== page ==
Ferrari's Jock Clear admits that the team had hoped for a better result for Charles Leclerc at the Canadian Grand Prix, after the Monegasque finished the race in fifth.
Leclerc started from the back row of the grid due to the decision to take engine penalties, and attempted to work his way through the field during the event.
However, he found himself stuck in traffic on more than one occasion, and spent many laps struggling to get past the Alpine of Esteban Ocon.
Leclerc eventually came home in P5, while teammate Carlos Sainz took second.
P5 was "minimum" Ferrari had hoped for
Clear – who is a senior performance engineer but also works as a driver coach to Leclerc and members of the Ferrari Driver Academy – acknowledges that they had set P5 as a minimum goal for the race.
When asked on the F1 Nation podcast if there was a feeling in the team that they could have done more, Clear said: "Absolutely. I think fifth was probably the minimum we wanted before the race.
"Yeah, 19th on the grid, you think that's a long way to go. But, with the pace of the car we have, fifth was the minimum we wanted, and actually, we hoped for better to be honest, and not unrealistically."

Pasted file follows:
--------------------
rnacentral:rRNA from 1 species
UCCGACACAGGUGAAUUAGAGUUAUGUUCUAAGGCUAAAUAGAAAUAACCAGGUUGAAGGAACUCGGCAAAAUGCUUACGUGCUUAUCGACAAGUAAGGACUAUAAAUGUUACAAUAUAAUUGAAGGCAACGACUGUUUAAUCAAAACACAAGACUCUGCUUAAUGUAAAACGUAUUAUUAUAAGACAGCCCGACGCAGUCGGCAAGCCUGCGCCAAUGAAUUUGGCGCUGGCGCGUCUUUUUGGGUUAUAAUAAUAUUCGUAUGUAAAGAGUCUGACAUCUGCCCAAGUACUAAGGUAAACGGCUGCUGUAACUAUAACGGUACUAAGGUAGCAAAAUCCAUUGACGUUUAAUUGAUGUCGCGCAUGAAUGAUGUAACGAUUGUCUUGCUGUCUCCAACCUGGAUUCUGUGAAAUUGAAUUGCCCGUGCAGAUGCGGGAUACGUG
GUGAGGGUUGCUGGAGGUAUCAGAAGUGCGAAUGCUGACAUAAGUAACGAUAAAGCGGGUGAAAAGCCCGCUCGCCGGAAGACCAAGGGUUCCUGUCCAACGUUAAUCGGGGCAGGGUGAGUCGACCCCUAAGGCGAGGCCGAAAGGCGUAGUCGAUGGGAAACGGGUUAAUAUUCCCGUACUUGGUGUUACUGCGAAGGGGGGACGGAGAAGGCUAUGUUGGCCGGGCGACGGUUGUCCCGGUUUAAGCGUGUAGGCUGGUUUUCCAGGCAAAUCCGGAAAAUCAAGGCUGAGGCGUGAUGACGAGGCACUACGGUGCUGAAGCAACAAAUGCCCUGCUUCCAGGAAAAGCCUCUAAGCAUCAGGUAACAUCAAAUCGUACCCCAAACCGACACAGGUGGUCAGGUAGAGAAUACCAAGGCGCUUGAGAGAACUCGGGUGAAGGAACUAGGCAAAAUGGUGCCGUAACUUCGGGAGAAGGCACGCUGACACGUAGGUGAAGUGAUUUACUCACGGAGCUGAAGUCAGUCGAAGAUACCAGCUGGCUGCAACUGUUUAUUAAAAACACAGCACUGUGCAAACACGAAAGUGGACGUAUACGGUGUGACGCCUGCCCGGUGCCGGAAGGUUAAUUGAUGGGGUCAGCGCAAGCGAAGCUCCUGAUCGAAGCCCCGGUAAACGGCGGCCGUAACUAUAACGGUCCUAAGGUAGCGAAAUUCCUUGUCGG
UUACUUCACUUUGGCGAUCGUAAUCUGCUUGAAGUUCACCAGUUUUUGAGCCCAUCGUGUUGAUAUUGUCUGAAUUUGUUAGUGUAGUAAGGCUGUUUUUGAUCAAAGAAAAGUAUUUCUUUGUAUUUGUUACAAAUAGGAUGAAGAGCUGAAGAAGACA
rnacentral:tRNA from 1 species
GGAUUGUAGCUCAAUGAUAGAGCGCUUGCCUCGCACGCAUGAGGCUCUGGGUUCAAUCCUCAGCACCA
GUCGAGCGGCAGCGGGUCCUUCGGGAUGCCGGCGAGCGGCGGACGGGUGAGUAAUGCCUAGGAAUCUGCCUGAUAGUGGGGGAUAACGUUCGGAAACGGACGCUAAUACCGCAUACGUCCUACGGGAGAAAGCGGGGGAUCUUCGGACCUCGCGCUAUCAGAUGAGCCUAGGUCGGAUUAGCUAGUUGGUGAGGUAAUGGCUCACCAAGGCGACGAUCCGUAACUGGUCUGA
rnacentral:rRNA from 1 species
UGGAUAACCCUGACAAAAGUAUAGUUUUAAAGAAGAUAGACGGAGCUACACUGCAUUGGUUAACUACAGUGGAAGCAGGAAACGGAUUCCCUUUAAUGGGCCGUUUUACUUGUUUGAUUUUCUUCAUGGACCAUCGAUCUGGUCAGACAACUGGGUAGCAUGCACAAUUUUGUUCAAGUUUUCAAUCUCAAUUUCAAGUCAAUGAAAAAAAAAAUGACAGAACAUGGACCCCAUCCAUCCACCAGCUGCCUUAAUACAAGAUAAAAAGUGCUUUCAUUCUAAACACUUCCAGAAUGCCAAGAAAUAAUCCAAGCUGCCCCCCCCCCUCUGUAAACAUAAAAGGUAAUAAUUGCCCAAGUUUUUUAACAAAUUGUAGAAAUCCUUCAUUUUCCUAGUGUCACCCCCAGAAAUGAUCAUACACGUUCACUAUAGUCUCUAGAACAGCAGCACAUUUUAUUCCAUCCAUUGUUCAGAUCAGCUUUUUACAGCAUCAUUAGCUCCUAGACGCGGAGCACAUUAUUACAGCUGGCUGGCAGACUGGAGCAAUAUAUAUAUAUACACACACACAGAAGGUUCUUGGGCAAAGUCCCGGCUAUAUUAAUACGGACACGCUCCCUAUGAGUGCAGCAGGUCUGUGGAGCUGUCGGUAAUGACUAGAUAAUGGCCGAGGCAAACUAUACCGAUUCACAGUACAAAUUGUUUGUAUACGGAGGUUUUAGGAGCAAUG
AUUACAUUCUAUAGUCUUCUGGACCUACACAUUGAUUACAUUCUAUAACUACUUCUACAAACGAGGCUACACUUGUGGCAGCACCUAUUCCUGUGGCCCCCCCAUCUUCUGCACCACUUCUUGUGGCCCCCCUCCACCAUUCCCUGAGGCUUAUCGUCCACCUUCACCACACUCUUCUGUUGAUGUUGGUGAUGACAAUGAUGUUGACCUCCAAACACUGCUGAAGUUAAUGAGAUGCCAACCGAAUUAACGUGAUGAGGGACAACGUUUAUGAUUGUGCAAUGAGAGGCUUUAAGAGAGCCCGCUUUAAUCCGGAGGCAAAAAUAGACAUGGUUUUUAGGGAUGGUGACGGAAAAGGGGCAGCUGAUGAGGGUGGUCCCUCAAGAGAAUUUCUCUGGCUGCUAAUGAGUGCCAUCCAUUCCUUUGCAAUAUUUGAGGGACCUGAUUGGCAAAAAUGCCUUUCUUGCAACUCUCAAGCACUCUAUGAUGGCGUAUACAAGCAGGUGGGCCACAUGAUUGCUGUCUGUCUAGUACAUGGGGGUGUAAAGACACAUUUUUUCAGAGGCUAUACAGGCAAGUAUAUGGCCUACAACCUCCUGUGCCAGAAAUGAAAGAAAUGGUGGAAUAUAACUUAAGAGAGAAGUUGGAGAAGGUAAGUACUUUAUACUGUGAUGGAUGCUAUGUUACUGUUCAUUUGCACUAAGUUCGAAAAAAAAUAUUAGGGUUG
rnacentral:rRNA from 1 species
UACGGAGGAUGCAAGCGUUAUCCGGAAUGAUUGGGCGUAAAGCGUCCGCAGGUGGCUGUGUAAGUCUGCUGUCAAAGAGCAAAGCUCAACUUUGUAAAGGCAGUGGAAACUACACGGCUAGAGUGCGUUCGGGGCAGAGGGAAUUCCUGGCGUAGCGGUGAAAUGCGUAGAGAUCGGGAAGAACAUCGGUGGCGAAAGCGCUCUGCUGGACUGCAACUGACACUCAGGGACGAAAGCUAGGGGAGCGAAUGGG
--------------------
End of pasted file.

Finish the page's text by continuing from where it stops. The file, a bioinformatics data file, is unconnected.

Viewed by others:
Canadian GP proved "frustrating" for Leclerc
Despite this, Clear has reiterated that this was not the fault of Leclerc, who he says faced a challenging race given the issues with traffic.
"The fact is that the race was hugely frustrating for Charles, because he just got stuck behind Ocon, and actually the Safety Car arrived at the wrong time for him," he added.
"The ball didn't spin for him today, and it was frustrating. He didn't do anything wrong, and Ocon drove a very good race to keep him behind him.
"But it was just the frustration of spending 15 laps behind, looking at Ocon's rear wing."
In terms of whether they had expected the overtakes to be easier, Clear commented: "On paper, with no wind, it would have been easier.
"We arrived and this was as the forecast told us it was going to be. It was a tailwind out of the hairpin, which is a tailwind all the way down to that last chicane.
"The drivers were saying [before the race], that's the worst thing you can have for overtaking, because of course, it reduces the effect of the DRS [Drag Reduction System], it reduces the drag on the car in front, and doesn't really have much effect on the car behind.
"So Charles was saying [before the race that] it's going to be a lot more difficult to overtake, and that's what it proved to be."
F1 Podcast: What's next in F1's porpoising row?
RacingNews365.com F1 journalists Dieter Rencken and Michael Butterworth discuss the key topics from the Canadian Grand Prix, including the fierce debate over the FIA's intervention on porpoising.